• 13.2.3 Satellite
  • 14. Kazakhstan
    • 14.1 National infrastructure
      • 14.1.1 Overview
      • 14.1.2 Forecasts – fixed-line market – 2015; 2020
      • 14.1.3 IP-based services
      • 14.1.4 Next Generation Network (NGN) development
      • 14.1.5 Wireless Local Loop (WLL)
    • 14.2 International infrastructure
      • 14.2.1 Trans Asia-Europe (TAE)
      • 14.2.2 Satellite networks
      • 14.2.3 KazSat satellite series
  • 15. Kyrgyzstan
    • 15.1 National infrastructure
      • 15.1.1 Overview
    • 15.2 International infrastructure
      • 15.2.1 Satellites
      • 15.2.2 Optical fibre cable systems
  • 16. Laos
    • 16.1 National infrastructure
      • 16.1.1 Overview
      • 16.1.2 Fixed-line statistics
      • 16.1.3 Forecasts – fixed-line market - 2015; 2020
    • 16.2 International infrastructure
      • 16.2.1 Terrestrial cable links
      • 16.2.2 Asian Development Bank Backbone Telecommunications Network
      • 16.2.3 Proposed satellite system
  • 17. Macau
    • 17.1 National and international infrastructure
  • 18. Malaysia
    • 18.1 National infrastructure
      • 18.1.1 Overview
      • 18.1.2 Fixed-line networks
      • 18.1.3 Forecasts – fixed-line subscribers – 2015; 2020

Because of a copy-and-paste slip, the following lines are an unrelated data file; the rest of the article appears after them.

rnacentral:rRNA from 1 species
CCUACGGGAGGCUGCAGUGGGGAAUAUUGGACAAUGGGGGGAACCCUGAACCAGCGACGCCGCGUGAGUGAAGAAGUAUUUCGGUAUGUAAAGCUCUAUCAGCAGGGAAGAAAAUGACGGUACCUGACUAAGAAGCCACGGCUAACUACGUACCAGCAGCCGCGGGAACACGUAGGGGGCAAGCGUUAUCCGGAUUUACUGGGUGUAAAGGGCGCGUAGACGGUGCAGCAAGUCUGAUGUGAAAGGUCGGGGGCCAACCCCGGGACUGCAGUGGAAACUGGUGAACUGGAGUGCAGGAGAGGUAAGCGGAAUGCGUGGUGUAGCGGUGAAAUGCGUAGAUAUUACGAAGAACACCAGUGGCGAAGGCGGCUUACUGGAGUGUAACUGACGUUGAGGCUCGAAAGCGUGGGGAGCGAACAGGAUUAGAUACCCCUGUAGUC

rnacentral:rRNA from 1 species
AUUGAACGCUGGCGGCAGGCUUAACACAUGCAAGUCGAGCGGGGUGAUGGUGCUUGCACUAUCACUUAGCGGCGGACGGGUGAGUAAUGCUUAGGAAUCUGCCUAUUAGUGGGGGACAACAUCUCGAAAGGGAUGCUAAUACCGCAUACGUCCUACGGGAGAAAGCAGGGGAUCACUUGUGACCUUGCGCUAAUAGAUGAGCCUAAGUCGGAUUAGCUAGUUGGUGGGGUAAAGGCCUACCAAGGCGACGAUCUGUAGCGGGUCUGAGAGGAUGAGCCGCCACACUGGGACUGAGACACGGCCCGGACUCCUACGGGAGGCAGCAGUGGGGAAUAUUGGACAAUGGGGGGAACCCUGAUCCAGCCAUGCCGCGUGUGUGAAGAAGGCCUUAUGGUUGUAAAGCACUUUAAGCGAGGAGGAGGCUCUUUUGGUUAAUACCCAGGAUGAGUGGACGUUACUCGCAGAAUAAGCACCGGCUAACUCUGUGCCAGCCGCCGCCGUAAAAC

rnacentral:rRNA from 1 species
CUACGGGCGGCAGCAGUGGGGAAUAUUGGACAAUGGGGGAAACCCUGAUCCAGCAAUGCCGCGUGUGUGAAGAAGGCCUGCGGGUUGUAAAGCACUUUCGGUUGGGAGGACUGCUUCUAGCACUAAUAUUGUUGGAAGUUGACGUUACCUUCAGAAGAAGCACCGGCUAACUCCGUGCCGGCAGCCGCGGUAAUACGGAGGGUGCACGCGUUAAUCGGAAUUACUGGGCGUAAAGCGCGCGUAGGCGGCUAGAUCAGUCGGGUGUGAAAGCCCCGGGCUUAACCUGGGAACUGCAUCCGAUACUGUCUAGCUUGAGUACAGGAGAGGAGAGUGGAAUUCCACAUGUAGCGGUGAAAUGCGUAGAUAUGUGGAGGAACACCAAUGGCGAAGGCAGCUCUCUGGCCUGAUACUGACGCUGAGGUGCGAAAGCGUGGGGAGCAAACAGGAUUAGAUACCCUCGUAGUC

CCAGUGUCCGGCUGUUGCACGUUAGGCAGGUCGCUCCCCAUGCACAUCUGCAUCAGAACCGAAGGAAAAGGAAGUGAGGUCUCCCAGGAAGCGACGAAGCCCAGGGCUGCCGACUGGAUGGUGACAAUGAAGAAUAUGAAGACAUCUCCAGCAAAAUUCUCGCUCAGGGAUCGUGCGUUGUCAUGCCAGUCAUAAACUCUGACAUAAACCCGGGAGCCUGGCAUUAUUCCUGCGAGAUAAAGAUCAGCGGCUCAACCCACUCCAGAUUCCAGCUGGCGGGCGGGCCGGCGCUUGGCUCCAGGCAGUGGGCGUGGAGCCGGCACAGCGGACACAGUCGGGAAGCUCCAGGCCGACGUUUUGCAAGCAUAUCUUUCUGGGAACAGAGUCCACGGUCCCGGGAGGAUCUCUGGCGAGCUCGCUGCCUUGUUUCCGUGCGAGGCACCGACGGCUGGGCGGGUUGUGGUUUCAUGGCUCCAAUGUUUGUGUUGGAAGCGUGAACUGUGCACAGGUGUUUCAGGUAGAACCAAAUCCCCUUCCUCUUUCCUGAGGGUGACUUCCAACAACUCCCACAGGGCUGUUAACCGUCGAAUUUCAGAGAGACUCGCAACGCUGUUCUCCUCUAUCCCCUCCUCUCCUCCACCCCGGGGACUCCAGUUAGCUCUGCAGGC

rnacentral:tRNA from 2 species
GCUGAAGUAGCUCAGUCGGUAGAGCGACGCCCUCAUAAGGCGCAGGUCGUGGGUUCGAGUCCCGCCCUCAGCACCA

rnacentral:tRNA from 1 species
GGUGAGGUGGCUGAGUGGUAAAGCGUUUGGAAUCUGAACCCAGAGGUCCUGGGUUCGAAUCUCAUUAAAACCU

• 18.1.4 Sharing of infrastructure
      • 18.1.5 Fibre optic backbones
      • 18.1.6 Next Generation Networks (NGNs)
      • 18.1.7 High-Speed Broadband (HSBB) network
    • 18.2 International infrastructure
      • 18.2.1 International gateways
      • 18.2.2 Malaysia-Thailand
      • 18.2.3 Submarine cable networks
      • 18.2.4 Proposed submarine cable networks
      • 18.2.5 Satellite networks
  • 19. Maldives
    • 19.1 National infrastructure
      • 19.1.1 Overview
      • 19.1.2 Domestic satellite service
    • 19.2 International infrastructure
      • 19.2.1 Satellite networks
      • 19.2.2 Submarine cable networks
  • 20. Mongolia
    • 20.1 National infrastructure
      • 20.1.1 Overview
      • 20.1.2 Rural services
    • 20.2 International infrastructure
      • 20.2.1 Overview
      • 20.2.2 Satellite program
      • 20.2.3 Chronological data of ICT developments in Mongolia
  • 21. Myanmar (Burma)
    • 21.1 National infrastructure
      • 21.1.1 Overview
      • 21.1.2 Wireless Local Loop (WLL)
    • 21.2 International infrastructure
      • 21.2.1 Overview
      • 21.2.2 Satellite networks
  • 22. Nepal
    • 22.1 National infrastructure
      • 22.1.1 Overview
      • 22.1.2 Forecasts – fixed-line market – 2015; 2020
      • 22.1.3 Nepal East West SDH project
      • 22.1.4 Voice over Internet Protocol (VoIP)